Political History

9/16/15 – A Quick Look at the Gas Tax

This summer I traveled extensively for work, and as a result I found myself shuttling to and from the airport at odd hours of the day (and night). And while each trip was somewhat of a blur, whether it was because of catching a 6:30am flight or arriving back home well past nightfall, there was… Read the Rest »

6/17/15 – Baasan

My undergraduate education gave me many things, one of which is my dear friend Samantha. We became fast friends, both of us were studious, avid connoisseurs of ice cream (but terrified of the dreaded freshman 15), and a quarter Asian. One of the many perks of our friendship was getting to meet Samantha’s family, including… Read the Rest »

6/10/15 – SHRA’s Jennifer Stevens on NCPH’s History@Work blog

This week on the National Council on Public History’s History@Work blog, SHRA’s Jennifer Stevens has a guest post on the intersection of public history and policy.  Click here to read the entire piece, including how a discovery of Arthur Schlesinger, Jr.’s work lead her to her career in entrepreneurial public history.

5/20/15 – Cherry Blossoms

Despite my many research trips to Washington D.C. I’ve never had the opportunity to experience the city’s renowned cherry blossoms. Instead, every spring I gaze at the National Park Service’s live feed of the Cherry Blossom Web Cam. While most of the time my thoughts are rather rudimentary (“Golly, those flowers sure are pretty…”) this… Read the Rest »

5/13/15 – Go Fish

Looking at an image of (renowned Washington governor) Isaac Stevens, two things come to mind. First, he has a striking resemblance to Brad Pitt. Second, he looks like a man that gets what he wants, come hell or high water. As the first Territorial Governor of Washington and the Superintendent of Indian Affairs, Stevens did… Read the Rest »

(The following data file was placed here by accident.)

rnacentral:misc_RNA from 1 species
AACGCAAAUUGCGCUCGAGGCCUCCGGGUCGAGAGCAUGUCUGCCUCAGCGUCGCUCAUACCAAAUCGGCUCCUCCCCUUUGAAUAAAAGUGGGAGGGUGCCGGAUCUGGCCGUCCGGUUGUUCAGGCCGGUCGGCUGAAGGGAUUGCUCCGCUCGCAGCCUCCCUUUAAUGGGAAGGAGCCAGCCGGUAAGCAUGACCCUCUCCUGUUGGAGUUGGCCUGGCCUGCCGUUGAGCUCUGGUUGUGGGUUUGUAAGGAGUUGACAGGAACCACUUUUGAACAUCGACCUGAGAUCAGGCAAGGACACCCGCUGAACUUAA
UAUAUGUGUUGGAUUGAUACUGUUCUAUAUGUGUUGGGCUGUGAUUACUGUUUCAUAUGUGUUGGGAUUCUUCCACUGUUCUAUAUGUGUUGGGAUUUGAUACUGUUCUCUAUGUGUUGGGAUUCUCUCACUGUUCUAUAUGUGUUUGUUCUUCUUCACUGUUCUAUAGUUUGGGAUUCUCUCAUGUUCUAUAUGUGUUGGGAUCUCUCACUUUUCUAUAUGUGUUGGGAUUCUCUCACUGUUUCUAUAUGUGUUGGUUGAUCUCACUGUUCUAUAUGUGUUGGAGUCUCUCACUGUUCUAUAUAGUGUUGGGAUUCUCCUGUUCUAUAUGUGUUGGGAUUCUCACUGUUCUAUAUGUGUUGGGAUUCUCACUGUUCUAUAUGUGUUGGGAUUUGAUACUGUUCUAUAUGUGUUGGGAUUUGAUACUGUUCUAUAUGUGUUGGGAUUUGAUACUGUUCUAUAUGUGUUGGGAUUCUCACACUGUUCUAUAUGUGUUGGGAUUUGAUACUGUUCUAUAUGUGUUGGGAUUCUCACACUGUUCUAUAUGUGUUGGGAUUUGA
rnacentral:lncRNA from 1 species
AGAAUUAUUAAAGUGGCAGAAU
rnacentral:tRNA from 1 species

1/7/15 – Women for Legislature: High-Brows or Flappers?

With the 2014 midterm election not far behind us, an archival article from 1930 on women serving in the Idaho state legislature seemed too good not to share. The Idaho Statesman article recounted a tongue-in-cheek debate between Mrs. Frank Bruins and Mrs. W.T. Leighton that took place at a Burbank Federation meeting and revolved around… Read the Rest »

12/17/14 – First Ladies of Idaho

Here’s a neat find from a recent trip to the archives: a booklet of photos and autobiographies of the first ladies of Idaho.[i] The booklet was published by the Friends of the Historical Museum in 1990, and it offers a glimpse into the lives (and wardrobes) of the wives of Idaho’s first governors. The early… Read the Rest »

12/8/14 – FDR’s Court Packing Plan

In April 1937, Texas attorney Richard Burges wrote to his childhood friend Hillary Shewmaker expressing doubt over his vote for Franklin Roosevelt in the recent presidential election. On the heels of his landslide victory, Roosevelt announced proposed legislation to change the composition of the United States Supreme Court, a thinly veiled effort to “pack” the… Read the Rest »

3/22/13: The U.S. Government Helps the Hat Industry

My favorite research projects are those that lead me to new collections and new records that are unfamiliar to me. I have spent many hours – and probably years – of my life poring over records of the Bureau of Reclamation, the General Land Office, and the Bureau of Mines. But a recent project has… Read the Rest »

9/21/12: A Look Back at the 1912 Presidential Election and its Parallels to Today

NPR teased its listeners on Wednesday morning with this: “It’s hard to be a Democrat in the Deep South.” The teaser was a plug for a political story that aired later that day and no doubt mentioned the increasingly contentious upcoming presidential race. It’s likely that some of the story’s interviewees may have lamented our… Read the Rest »

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